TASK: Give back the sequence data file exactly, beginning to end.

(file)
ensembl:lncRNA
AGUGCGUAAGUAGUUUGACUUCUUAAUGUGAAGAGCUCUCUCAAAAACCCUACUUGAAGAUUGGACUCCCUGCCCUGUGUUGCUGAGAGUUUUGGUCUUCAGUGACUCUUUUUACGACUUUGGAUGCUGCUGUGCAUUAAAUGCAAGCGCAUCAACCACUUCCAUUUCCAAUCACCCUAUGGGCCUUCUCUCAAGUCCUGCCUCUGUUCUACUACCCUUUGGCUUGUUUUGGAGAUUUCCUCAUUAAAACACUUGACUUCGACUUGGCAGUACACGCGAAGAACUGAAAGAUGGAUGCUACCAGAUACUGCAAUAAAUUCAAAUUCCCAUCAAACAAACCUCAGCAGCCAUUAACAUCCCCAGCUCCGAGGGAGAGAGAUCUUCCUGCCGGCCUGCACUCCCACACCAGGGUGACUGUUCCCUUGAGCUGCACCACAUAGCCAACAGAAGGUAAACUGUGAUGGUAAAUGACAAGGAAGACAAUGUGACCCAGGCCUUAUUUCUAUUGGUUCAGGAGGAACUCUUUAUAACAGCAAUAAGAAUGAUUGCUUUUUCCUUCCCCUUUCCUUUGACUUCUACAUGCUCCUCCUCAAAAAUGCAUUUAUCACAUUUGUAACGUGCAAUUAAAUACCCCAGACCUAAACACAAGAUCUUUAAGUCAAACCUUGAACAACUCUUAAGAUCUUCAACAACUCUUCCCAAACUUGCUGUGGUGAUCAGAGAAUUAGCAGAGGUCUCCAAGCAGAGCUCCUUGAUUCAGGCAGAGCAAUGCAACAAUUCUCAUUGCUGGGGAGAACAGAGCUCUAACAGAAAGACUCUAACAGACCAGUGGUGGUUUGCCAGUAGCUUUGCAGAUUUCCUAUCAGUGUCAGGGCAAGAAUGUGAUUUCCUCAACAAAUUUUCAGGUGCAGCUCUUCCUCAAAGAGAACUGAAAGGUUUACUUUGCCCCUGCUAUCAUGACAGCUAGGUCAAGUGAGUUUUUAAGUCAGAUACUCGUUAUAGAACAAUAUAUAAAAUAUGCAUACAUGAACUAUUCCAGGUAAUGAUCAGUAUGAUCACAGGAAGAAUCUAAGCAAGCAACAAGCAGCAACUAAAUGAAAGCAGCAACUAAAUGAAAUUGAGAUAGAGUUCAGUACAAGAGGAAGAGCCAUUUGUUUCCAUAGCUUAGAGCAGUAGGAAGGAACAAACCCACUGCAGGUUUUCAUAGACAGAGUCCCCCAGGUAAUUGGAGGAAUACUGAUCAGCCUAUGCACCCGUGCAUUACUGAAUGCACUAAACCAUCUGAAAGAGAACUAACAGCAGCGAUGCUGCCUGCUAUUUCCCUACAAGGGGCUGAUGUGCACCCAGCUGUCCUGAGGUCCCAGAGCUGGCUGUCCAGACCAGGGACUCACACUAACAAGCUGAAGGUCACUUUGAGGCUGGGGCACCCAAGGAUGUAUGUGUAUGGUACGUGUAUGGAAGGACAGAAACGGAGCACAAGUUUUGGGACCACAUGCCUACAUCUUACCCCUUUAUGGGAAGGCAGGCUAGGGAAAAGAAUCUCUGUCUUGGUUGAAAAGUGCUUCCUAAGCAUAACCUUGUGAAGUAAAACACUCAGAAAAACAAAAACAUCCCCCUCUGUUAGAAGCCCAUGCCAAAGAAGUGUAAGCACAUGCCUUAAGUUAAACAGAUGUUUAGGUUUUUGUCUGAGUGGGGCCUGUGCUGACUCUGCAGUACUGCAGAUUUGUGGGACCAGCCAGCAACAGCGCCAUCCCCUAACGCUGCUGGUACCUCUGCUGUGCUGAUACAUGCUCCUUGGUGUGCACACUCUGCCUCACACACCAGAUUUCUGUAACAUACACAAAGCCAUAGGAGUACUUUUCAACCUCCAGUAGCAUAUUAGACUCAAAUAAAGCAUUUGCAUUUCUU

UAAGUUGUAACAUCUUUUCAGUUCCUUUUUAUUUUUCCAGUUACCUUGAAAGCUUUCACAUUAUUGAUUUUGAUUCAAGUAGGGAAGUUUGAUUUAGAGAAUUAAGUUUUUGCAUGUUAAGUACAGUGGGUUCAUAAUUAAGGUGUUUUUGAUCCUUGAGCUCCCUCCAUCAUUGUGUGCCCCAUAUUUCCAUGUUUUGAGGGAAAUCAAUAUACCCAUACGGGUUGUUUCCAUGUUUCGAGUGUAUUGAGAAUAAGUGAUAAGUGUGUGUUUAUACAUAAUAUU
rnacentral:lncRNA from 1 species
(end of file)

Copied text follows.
ensembl:lncRNA
AGUGCGUAAGUAGUUUGACUUCUUAAUGUGAAGAGCUCUCUCAAAAACCCUACUUGAAGAUUGGACUCCCUGCCCUGUGUUGCUGAGAGUUUUGGUCUUCAGUGACUCUUUUUACGACUUUGGAUGCUGCUGUGCAUUAAAUGCAAGCGCAUCAACCACUUCCAUUUCCAAUCACCCUAUGGGCCUUCUCUCAAGUCCUGCCUCUGUUCUACUACCCUUUGGCUUGUUUUGGAGAUUUCCUCAUUAAAACACUUGACUUCGACUUGGCAGUACACGCGAAGAACUGAAAGAUGGAUGCUACCAGAUACUGCAAUAAAUUCAAAUUCCCAUCAAACAAACCUCAGCAGCCAUUAACAUCCCCAGCUCCGAGGGAGAGAGAUCUUCCUGCCGGCCUGCACUCCCACACCAGGGUGACUGUUCCCUUGAGCUGCACCACAUAGCCAACAGAAGGUAAACUGUGAUGGUAAAUGACAAGGAAGACAAUGUGACCCAGGCCUUAUUUCUAUUGGUUCAGGAGGAACUCUUUAUAACAGCAAUAAGAAUGAUUGCUUUUUCCUUCCCCUUUCCUUUGACUUCUACAUGCUCCUCCUCAAAAAUGCAUUUAUCACAUUUGUAACGUGCAAUUAAAUACCCCAGACCUAAACACAAGAUCUUUAAGUCAAACCUUGAACAACUCUUAAGAUCUUCAACAACUCUUCCCAAACUUGCUGUGGUGAUCAGAGAAUUAGCAGAGGUCUCCAAGCAGAGCUCCUUGAUUCAGGCAGAGCAAUGCAACAAUUCUCAUUGCUGGGGAGAACAGAGCUCUAACAGAAAGACUCUAACAGACCAGUGGUGGUUUGCCAGUAGCUUUGCAGAUUUCCUAUCAGUGUCAGGGCAAGAAUGUGAUUUCCUCAACAAAUUUUCAGGUGCAGCUCUUCCUCAAAGAGAACUGAAAGGUUUACUUUGCCCCUGCUAUCAUGACAGCUAGGUCAAGUGAGUUUUUAAGUCAGAUACUCGUUAUAGAACAAUAUAUAAAAUAUGCAUACAUGAACUAUUCCAGGUAAUGAUCAGUAUGAUCACAGGAAGAAUCUAAGCAAGCAACAAGCAGCAACUAAAUGAAAGCAGCAACUAAAUGAAAUUGAGAUAGAGUUCAGUACAAGAGGAAGAGCCAUUUGUUUCCAUAGCUUAGAGCAGUAGGAAGGAACAAACCCACUGCAGGUUUUCAUAGACAGAGUCCCCCAGGUAAUUGGAGGAAUACUGAUCAGCCUAUGCACCCGUGCAUUACUGAAUGCACUAAACCAUCUGAAAGAGAACUAACAGCAGCGAUGCUGCCUGCUAUUUCCCUACAAGGGGCUGAUGUGCACCCAGCUGUCCUGAGGUCCCAGAGCUGGCUGUCCAGACCAGGGACUCACACUAACAAGCUGAAGGUCACUUUGAGGCUGGGGCACCCAAGGAUGUAUGUGUAUGGUACGUGUAUGGAAGGACAGAAACGGAGCACAAGUUUUGGGACCACAUGCCUACAUCUUACCCCUUUAUGGGAAGGCAGGCUAGGGAAAAGAAUCUCUGUCUUGGUUGAAAAGUGCUUCCUAAGCAUAACCUUGUGAAGUAAAACACUCAGAAAAACAAAAACAUCCCCCUCUGUUAGAAGCCCAUGCCAAAGAAGUGUAAGCACAUGCCUUAAGUUAAACAGAUGUUUAGGUUUUUGUCUGAGUGGGGCCUGUGCUGACUCUGCAGUACUGCAGAUUUGUGGGACCAGCCAGCAACAGCGCCAUCCCCUAACGCUGCUGGUACCUCUGCUGUGCUGAUACAUGCUCCUUGGUGUGCACACUCUGCCUCACACACCAGAUUUCUGUAACAUACACAAAGCCAUAGGAGUACUUUUCAACCUCCAGUAGCAUAUUAGACUCAAAUAAAGCAUUUGCAUUUCUU

UAAGUUGUAACAUCUUUUCAGUUCCUUUUUAUUUUUCCAGUUACCUUGAAAGCUUUCACAUUAUUGAUUUUGAUUCAAGUAGGGAAGUUUGAUUUAGAGAAUUAAGUUUUUGCAUGUUAAGUACAGUGGGUUCAUAAUUAAGGUGUUUUUGAUCCUUGAGCUCCCUCCAUCAUUGUGUGCCCCAUAUUUCCAUGUUUUGAGGGAAAUCAAUAUACCCAUACGGGUUGUUUCCAUGUUUCGAGUGUAUUGAGAAUAAGUGAUAAGUGUGUGUUUAUACAUAAUAUU
rnacentral:lncRNA from 1 species